HC Deb 22 January 1958 vol 580 cc1040-1
25. Mr. Hastings

asked the Minister of Transport and Civil Aviation whether he will give a general direction to the British Transport Commission that long-distance passenger coaches shall be so constructed that untreated sewage shall be no longer discharged on the permanent way.

Mr. Nugent

No, Sir. This question was recently considered by an expert committee set up by the British Transport Commission. It confirmed the view taken by the European and American railway administrations whom it consulted, that there is no practical alternative to the present method of disposal. The Committee recommended, however, certain modifications in existing equipment which are being considered.

Mr. Hastings

Is the Minister aware that it has been shown experimentally that fluids discharged from railway coaches are not only desposited between the lines but spread to the side of the lines as well? Will not he agree that it is a filthy scheme to permit untreated sewage to be deposited on railway tracks both in town and country, and, at any rate in connection with construction of new rolling stock, will he consider some better method?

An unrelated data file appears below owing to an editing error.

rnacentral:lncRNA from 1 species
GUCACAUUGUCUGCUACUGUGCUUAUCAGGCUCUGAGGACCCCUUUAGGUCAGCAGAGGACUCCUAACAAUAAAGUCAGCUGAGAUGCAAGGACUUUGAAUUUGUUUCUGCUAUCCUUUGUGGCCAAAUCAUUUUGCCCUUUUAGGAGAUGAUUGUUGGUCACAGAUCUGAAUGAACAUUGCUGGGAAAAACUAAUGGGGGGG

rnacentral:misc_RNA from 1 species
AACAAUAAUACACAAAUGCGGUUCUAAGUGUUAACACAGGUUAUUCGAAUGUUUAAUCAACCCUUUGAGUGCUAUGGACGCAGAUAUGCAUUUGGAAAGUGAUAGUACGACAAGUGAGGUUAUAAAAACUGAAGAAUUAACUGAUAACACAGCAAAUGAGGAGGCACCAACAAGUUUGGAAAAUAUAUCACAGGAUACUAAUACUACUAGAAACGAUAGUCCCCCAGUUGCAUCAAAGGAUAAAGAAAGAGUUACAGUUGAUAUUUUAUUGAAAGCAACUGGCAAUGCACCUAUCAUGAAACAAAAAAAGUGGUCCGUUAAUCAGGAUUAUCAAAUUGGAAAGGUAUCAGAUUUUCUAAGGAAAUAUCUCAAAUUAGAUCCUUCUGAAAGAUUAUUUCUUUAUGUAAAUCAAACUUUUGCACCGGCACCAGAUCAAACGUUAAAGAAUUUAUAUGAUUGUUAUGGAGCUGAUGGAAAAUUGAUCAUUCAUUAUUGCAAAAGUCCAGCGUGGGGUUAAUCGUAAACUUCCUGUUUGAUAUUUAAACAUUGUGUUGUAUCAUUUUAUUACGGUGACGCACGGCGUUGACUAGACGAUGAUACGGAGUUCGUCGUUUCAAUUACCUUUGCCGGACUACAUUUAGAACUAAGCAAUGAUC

Mr. Nugent

All the alternatives have been very carefully considered both here and elsewhere and there seems to be no practicable alternative to the present method. My right hon. Friend the Minister of Health has been able to give certain assurances that this is not a danger to health and I think we must leave it there.

Mr. Popplewell

Will the Minister please not accept that as the last word? Surely further experiments should be made because, not only is sewage deposited on the track but, as indicated by my hon. Friend, it also goes on to the couplings and other things which have to be handled by the men concerned? This has been the subject of much discussion between the trade unions and the B.T.C. Will the Minister refuse to accept that nothing can be done but urge further experiment with a view to ending this awful nuisance?

Mr. Nugent

I agree that if some better alternative could be found it would be most desirable. We certainly will urge the Commission to continue to study possible alternatives, including the recommendations of the Committee.

Dr. Summerskill

Is the hon. Gentleman aware that certain eminent scientists have said that untreated sewage may well be a source of poliomyelitis? If so, can he lightly dismiss this question?

Mr. Nugent

I did not dismiss it, but I did say that the Minister of Health had given the House an assurance on 29th October that this did not constitute a danger of infection by poliomyelitis. We certainly accept that it would be desirable to find some alternative, and if we can we will.

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